Gekijōban Doubutsu no Mori
Theatrical release poster
|Directed by||Jōji Shimura|
|Produced by||Bunshō Kajiya|
|Written by||Aya Matsui|
|Music by||Kazumi Totaka|
|Edited by||Toshio Henmi|
|Distributed by||Toho (theatrical release) |
VAP (DVD release)
|Release date(s)|| December 16, 2006 |
July 25, 2007 (DVD)
|Running time||87 minutes|
Gekijōban Doubutsu no Mori (劇場版 どうぶつの森, lit. Animal Forest: The Movie), also referred to as simply Doubutsu no Mori, is a 2006 Japanese animated film based on the Animal Crossing series. The film was directed by Jōji Shimura with production by OLM, Inc. and was released in theaters on December 16, 2006, where it earned an estimated total of ¥1.7 billion (US$16,216,731) at the box office as of 2007.
The film features characters and elements from the video games and follows Ai, an 11-year-old human girl, as she moves into a village of animals and meets various friends along the way.
Ai, an 11-year-old human girl, moves to Animal Village during spring. After she arrives, she goes to Town Hall and is told by Peliko to meet Tanukichi at his shop to receive her house key. Once she meets Tanukichi, he gives her work to do in the form of deliveries to the village residents. During her deliveries, Ai meets Bouquet, Albert, Bianca, and a human boy named Yū. Afterward, she visits the Able Sisters for her last delivery and meets Sally. On her way home, Ai encounters Yū again, who attempts to catch a Spider that had landed on her; the two then introduce themselves and become acquaintances.
After several more deliveries, Ai is tasked with a delivery to Apollo. When she arrives at his house, she learns he is not home. Yū once again appears and causes Ai to fall in a patch of roses—this causes Mr. Resetti to appear and scold her; after learning what happened, he tells Ai to look in The Roost for Apollo. Ai heads to the museum, where she meets Fūta and Fūko, the latter of whom leads her to The Roost. Once there, Ai meets Alan and Sakura-jima, and shortly afterward, Apollo arrives. She makes her delivery and heads home, when she encounters Sally, whom she quickly befriends. Sally reveals her dream of being a fashion designer and compares accomplishing her dream to eating a cherry pie. Later that night, Ai finds a note in a bottle on the beach that reads, "Above the pine forest, on the night of the Winter Festival, a miracle will occur." She then sees what she believes to be a UFO.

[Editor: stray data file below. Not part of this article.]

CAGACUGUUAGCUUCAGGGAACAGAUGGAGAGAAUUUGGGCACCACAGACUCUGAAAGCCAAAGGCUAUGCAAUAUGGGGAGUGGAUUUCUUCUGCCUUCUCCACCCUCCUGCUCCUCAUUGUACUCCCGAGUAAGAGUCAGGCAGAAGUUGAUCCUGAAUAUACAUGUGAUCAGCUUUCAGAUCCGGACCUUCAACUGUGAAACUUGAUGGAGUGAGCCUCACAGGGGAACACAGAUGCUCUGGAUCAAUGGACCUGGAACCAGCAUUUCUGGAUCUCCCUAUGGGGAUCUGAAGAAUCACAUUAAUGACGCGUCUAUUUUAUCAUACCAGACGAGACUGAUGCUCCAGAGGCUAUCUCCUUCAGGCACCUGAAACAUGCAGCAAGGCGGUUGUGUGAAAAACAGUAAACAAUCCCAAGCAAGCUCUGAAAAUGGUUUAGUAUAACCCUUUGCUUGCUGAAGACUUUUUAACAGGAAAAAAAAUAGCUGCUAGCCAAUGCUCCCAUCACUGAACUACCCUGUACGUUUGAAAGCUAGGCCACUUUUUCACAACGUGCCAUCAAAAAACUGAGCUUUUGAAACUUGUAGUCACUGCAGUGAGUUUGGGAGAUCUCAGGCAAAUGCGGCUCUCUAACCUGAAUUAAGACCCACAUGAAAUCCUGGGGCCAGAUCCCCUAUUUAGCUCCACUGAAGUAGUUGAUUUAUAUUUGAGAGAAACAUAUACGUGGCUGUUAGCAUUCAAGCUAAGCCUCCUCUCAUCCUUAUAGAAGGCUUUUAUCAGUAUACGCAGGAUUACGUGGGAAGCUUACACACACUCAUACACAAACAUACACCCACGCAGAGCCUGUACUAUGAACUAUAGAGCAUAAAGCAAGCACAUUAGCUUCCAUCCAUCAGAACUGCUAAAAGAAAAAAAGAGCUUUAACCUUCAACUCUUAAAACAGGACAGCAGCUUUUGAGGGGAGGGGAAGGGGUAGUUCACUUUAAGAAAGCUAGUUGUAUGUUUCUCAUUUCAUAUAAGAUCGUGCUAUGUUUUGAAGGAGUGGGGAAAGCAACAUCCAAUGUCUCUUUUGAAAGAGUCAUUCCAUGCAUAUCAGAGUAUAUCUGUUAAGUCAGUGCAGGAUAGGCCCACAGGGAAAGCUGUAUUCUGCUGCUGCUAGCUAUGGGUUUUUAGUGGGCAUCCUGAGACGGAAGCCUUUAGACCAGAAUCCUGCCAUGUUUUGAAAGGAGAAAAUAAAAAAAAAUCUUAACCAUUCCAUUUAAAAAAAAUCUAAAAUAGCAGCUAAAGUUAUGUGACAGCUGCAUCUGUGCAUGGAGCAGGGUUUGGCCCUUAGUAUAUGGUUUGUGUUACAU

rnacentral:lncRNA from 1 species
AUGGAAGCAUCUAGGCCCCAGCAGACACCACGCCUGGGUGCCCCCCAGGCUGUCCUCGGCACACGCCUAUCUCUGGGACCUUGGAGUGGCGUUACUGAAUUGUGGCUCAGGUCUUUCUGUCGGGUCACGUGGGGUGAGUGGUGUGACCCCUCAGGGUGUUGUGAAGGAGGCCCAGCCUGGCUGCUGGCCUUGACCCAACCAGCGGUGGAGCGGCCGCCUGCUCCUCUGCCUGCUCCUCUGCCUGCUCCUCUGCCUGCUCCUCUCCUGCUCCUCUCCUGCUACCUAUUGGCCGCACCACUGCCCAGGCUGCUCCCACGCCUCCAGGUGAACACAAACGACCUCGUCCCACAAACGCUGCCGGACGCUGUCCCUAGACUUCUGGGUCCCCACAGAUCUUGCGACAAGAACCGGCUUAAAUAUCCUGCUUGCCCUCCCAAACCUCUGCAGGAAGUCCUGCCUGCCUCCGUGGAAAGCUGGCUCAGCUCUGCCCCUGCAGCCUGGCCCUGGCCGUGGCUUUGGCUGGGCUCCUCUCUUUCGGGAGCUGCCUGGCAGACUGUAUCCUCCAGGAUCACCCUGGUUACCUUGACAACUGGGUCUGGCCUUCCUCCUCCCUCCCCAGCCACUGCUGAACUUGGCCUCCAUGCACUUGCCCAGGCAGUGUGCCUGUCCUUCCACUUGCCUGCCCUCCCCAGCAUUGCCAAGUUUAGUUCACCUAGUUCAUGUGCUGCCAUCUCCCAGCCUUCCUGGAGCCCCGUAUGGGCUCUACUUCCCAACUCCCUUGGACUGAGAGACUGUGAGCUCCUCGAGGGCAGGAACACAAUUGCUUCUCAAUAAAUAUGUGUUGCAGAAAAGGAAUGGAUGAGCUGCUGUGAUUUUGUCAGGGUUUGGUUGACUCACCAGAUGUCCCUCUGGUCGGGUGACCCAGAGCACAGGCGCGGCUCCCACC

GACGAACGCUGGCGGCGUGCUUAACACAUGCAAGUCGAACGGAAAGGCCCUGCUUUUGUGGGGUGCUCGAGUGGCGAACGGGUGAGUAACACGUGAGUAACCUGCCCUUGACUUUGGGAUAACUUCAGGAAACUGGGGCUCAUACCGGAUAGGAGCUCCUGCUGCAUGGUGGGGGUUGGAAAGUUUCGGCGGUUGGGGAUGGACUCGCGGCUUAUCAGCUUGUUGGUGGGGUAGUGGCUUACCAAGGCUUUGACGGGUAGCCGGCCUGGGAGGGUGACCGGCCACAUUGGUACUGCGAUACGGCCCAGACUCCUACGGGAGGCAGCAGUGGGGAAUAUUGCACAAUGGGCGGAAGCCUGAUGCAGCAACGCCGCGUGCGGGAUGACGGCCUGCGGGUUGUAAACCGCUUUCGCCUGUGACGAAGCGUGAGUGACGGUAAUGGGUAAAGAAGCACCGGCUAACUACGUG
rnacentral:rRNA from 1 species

The next night, Ai encounters another note in a bottle, which instructs her to plant pine trees across Animal Village for a miracle to take place during the Winter Festival. The next day, Ai, Margie, and Rosie meet up with Yū and Albert, who are looking for fossils. Bouquet tells them to look in a nearby cave for fossils, which they visit and find a Seismosaurus fossil, the one fossil missing from the museum's collection; however, the cave collapses, forcing the group to leave. Later, during the Fireworks Festival, Sally realizes her dream, and Ai wishes to have one of her own. Once she returns home, she reads two more letters in bottles, which reveal that an alien has been writing them, hoping to arrive on her planet during the Winter Festival and meet her.
The day after the Fireworks Festival, Ai learns from Bouquet that Sally left Animal Village to pursue her dream. Disappointed that she did not let her know before leaving, Ai goes to The Roost, where Bianca comforts her. That night, Ai receives a letter from Sally, who explains why she did not let her know that she was moving—she says she would have been overwhelmed with emotion had she approached her before leaving. Attached to the letter is a drawing of Ai and a note telling her to "eat her own cherry pie," or follow her dreams.
In the winter, Sonchou, the mayor, announces the beginning of the Winter Festival, where the resident with the best holiday decorations is crowned the winner. Ai visits the cedar trees that she is revealed to have planted earlier in the year to find them fully grown. She then visits Fūko's observatory in the museum and sees a UFO crash in the village. The townsfolk gather at the crash site, and Johnny, who claims to be an alien, steps out, explaining that five parts of his ship must be found so he can leave. The residents of the village then split up to find the parts; Saruo goes to the woods, Apollo, Sakura-jima, and Alan go to the mountains, Bianca searches near the ocean, and Ai, Bouquet, Albert, and Yū head toward the cave with the Seismosaurus fossil. However, the entrance is blocked by a boulder, which is moved with the help of Sally, who has returned to Animal Village for the Winter Festival. The group enters the cave and finds the spaceship part on top of the Seismosaurus. Yū climbs up the fossil and retrieves the part.